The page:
Users often ask if it's a good idea to leave their computer on all the time or if they should turn it off while not using it. Our recommendation is to turn your computer off and back on again any time you notice that it's being slower than usual or if it starts doing weird things that you don't expect. While it isn't necessary to turn it off every time you walk away, it's a good practice to turn it off and back on again at least once every two weeks. Doing this helps your computer run better for a few reasons. Sometimes when Windows installs new software automatically it needs the computer to be turned off to apply changes. It can also help remove any errors that were introduced on your computer's temporary storage locations. Some computers go for months without ever being turned off. This is especially problematic with laptops, since it's easy to just close the lid, but that doesn't actually turn the computer off all the way. It doesn't take too long to do it and it can only help, so if you ever feel like your computer isn't quite up to its normal standard, give turning it off and on a try.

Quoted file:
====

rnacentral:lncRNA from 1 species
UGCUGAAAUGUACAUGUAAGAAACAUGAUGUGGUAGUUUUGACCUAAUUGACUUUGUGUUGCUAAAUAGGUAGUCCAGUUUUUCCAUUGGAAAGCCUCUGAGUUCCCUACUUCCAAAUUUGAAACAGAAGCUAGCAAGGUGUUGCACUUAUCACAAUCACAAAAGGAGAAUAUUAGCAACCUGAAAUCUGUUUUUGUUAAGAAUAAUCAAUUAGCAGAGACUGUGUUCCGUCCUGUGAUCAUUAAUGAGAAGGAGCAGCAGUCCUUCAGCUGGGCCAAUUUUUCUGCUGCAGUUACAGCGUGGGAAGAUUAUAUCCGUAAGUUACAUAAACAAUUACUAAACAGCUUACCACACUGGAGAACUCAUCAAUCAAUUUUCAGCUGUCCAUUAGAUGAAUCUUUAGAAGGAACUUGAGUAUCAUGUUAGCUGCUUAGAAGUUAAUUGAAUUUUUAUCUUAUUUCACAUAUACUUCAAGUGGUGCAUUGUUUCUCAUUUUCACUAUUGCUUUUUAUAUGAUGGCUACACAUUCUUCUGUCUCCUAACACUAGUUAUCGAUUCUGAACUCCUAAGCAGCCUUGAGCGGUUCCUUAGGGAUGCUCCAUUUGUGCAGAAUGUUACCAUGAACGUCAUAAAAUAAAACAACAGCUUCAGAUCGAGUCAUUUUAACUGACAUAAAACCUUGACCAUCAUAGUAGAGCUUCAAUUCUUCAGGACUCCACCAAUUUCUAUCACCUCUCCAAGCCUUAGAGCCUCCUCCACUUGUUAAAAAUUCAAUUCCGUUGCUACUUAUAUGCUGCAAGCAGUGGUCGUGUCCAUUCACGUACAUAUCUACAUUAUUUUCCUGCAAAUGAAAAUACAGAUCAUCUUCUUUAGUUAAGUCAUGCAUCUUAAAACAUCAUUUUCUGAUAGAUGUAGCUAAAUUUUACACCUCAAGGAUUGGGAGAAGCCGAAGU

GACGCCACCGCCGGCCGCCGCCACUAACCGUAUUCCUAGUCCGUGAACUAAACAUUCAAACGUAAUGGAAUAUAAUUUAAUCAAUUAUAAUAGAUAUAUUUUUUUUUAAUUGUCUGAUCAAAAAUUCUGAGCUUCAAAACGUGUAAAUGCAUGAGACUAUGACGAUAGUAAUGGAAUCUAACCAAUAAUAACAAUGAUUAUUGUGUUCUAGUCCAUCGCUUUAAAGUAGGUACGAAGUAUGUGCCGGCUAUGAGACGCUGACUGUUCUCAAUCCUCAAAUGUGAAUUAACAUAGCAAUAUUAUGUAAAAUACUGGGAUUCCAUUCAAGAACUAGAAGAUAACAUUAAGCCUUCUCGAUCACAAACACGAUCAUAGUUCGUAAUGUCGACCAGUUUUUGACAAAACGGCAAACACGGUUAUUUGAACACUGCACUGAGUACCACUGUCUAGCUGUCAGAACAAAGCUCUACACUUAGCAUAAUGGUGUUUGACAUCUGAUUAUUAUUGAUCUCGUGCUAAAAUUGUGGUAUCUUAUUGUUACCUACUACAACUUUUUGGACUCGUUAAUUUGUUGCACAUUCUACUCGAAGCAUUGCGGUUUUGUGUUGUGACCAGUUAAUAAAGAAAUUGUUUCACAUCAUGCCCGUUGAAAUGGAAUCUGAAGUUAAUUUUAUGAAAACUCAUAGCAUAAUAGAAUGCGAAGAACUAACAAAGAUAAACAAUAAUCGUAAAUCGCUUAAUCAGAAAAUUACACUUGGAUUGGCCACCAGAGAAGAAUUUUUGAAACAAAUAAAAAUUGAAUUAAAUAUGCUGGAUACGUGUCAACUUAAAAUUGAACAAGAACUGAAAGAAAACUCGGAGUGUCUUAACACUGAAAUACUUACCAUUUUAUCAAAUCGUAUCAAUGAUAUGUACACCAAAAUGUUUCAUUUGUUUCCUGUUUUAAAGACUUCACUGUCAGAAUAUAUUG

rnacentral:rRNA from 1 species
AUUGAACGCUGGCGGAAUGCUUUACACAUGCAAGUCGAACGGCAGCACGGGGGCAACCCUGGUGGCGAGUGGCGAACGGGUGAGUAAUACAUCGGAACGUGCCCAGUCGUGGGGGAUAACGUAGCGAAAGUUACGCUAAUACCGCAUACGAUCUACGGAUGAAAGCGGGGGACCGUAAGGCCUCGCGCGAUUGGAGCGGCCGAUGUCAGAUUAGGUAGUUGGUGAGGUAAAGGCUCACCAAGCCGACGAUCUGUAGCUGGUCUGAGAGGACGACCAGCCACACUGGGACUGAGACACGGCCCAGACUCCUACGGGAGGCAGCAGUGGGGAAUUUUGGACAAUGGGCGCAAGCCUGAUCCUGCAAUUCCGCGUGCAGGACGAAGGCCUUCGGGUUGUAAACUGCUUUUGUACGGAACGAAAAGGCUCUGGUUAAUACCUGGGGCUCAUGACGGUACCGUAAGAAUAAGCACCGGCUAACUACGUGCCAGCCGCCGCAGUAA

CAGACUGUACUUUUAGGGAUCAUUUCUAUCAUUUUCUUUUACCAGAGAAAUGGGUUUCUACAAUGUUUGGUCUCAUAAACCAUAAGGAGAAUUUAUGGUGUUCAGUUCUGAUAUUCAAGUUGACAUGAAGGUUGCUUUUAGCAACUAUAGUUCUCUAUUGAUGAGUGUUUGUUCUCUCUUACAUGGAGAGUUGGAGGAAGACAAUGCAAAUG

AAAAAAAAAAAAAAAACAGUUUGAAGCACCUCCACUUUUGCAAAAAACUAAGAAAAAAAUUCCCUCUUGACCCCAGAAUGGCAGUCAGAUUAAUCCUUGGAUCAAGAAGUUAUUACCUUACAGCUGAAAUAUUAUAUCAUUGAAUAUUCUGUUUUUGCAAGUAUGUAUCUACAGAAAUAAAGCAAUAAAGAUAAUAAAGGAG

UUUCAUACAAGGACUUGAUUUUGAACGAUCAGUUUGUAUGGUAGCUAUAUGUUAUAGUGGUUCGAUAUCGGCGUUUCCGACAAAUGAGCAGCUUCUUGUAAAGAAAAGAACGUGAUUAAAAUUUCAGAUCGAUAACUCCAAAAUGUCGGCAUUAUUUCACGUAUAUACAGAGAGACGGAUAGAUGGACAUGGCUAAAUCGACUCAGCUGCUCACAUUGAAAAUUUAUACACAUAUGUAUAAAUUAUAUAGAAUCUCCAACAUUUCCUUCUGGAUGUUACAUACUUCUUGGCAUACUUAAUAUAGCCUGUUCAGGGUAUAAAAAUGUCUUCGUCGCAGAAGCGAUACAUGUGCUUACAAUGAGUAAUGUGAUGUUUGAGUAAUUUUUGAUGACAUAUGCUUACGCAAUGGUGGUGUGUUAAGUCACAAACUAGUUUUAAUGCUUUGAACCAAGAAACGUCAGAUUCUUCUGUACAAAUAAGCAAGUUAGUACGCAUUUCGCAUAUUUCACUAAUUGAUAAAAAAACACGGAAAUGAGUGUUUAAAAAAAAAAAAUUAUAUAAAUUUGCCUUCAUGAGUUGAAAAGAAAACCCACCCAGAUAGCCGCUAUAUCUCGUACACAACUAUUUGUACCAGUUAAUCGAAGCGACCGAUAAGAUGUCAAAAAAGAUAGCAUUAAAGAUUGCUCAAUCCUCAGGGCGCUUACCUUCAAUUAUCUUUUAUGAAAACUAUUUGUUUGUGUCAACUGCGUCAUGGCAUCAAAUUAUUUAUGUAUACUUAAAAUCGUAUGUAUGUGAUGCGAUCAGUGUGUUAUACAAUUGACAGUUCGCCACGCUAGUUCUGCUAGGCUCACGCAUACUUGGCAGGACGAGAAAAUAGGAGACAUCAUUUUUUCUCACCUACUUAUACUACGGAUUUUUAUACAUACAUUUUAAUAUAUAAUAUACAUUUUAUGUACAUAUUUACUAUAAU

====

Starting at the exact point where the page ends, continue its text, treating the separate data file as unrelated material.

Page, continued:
Users that are new to Windows 10 often ask why they should sign up for a Microsoft account. It wasn't necessary before, so some users don't see any value in the feature and choose to use Windows 10 without a Microsoft account. For those that choose to take advantage of their Microsoft account, though, it will provide them with several useful features.
Windows 10 is designed to work very closely with Microsoft accounts, so many of the built in applications use them to store data. Since it's all on one account, you only need to enter your information once and your Windows applications can do the rest. Data is synchronized between your different applications, and to use any new Microsoft services you only need to sign in.